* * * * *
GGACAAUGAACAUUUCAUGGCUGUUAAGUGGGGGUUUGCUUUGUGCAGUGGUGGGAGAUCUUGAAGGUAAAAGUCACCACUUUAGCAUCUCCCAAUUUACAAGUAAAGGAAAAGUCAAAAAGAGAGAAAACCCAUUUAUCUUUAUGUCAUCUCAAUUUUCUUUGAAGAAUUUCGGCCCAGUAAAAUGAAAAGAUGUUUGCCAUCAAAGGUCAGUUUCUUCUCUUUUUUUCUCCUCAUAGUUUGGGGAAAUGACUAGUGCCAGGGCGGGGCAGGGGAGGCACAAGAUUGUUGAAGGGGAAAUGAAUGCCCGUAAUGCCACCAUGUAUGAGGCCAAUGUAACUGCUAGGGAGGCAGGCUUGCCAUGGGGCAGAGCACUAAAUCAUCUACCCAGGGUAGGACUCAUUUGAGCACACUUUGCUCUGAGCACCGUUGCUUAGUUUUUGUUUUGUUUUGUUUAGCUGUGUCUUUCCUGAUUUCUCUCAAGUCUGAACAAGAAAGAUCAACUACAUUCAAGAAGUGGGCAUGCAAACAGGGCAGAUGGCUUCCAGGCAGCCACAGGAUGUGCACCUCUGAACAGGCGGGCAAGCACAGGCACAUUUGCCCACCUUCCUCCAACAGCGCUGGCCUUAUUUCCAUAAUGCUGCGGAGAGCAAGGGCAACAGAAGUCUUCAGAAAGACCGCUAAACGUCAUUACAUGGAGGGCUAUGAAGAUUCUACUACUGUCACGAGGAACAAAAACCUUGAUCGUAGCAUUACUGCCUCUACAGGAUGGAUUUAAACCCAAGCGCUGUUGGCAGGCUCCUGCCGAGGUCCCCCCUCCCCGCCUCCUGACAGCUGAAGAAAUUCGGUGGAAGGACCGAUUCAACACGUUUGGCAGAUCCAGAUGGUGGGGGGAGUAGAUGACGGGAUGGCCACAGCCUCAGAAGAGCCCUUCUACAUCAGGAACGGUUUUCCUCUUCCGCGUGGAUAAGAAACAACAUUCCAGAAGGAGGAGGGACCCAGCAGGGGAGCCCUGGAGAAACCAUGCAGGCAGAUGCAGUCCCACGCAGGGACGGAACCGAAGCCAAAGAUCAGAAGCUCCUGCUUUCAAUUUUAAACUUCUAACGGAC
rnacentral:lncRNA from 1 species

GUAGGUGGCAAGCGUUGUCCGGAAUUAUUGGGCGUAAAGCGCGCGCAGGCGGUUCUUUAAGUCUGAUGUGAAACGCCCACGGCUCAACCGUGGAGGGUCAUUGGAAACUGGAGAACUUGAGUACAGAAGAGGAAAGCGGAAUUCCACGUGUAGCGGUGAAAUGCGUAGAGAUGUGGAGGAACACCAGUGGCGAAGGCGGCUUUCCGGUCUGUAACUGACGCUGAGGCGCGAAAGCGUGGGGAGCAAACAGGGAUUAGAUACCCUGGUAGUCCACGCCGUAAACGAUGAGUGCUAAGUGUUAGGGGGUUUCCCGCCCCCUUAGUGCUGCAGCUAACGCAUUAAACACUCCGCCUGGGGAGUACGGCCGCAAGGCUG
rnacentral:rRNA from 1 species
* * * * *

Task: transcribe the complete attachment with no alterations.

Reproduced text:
GGACAAUGAACAUUUCAUGGCUGUUAAGUGGGGGUUUGCUUUGUGCAGUGGUGGGAGAUCUUGAAGGUAAAAGUCACCACUUUAGCAUCUCCCAAUUUACAAGUAAAGGAAAAGUCAAAAAGAGAGAAAACCCAUUUAUCUUUAUGUCAUCUCAAUUUUCUUUGAAGAAUUUCGGCCCAGUAAAAUGAAAAGAUGUUUGCCAUCAAAGGUCAGUUUCUUCUCUUUUUUUCUCCUCAUAGUUUGGGGAAAUGACUAGUGCCAGGGCGGGGCAGGGGAGGCACAAGAUUGUUGAAGGGGAAAUGAAUGCCCGUAAUGCCACCAUGUAUGAGGCCAAUGUAACUGCUAGGGAGGCAGGCUUGCCAUGGGGCAGAGCACUAAAUCAUCUACCCAGGGUAGGACUCAUUUGAGCACACUUUGCUCUGAGCACCGUUGCUUAGUUUUUGUUUUGUUUUGUUUAGCUGUGUCUUUCCUGAUUUCUCUCAAGUCUGAACAAGAAAGAUCAACUACAUUCAAGAAGUGGGCAUGCAAACAGGGCAGAUGGCUUCCAGGCAGCCACAGGAUGUGCACCUCUGAACAGGCGGGCAAGCACAGGCACAUUUGCCCACCUUCCUCCAACAGCGCUGGCCUUAUUUCCAUAAUGCUGCGGAGAGCAAGGGCAACAGAAGUCUUCAGAAAGACCGCUAAACGUCAUUACAUGGAGGGCUAUGAAGAUUCUACUACUGUCACGAGGAACAAAAACCUUGAUCGUAGCAUUACUGCCUCUACAGGAUGGAUUUAAACCCAAGCGCUGUUGGCAGGCUCCUGCCGAGGUCCCCCCUCCCCGCCUCCUGACAGCUGAAGAAAUUCGGUGGAAGGACCGAUUCAACACGUUUGGCAGAUCCAGAUGGUGGGGGGAGUAGAUGACGGGAUGGCCACAGCCUCAGAAGAGCCCUUCUACAUCAGGAACGGUUUUCCUCUUCCGCGUGGAUAAGAAACAACAUUCCAGAAGGAGGAGGGACCCAGCAGGGGAGCCCUGGAGAAACCAUGCAGGCAGAUGCAGUCCCACGCAGGGACGGAACCGAAGCCAAAGAUCAGAAGCUCCUGCUUUCAAUUUUAAACUUCUAACGGAC
rnacentral:lncRNA from 1 species

GUAGGUGGCAAGCGUUGUCCGGAAUUAUUGGGCGUAAAGCGCGCGCAGGCGGUUCUUUAAGUCUGAUGUGAAACGCCCACGGCUCAACCGUGGAGGGUCAUUGGAAACUGGAGAACUUGAGUACAGAAGAGGAAAGCGGAAUUCCACGUGUAGCGGUGAAAUGCGUAGAGAUGUGGAGGAACACCAGUGGCGAAGGCGGCUUUCCGGUCUGUAACUGACGCUGAGGCGCGAAAGCGUGGGGAGCAAACAGGGAUUAGAUACCCUGGUAGUCCACGCCGUAAACGAUGAGUGCUAAGUGUUAGGGGGUUUCCCGCCCCCUUAGUGCUGCAGCUAACGCAUUAAACACUCCGCCUGGGGAGUACGGCCGCAAGGCUG
rnacentral:rRNA from 1 species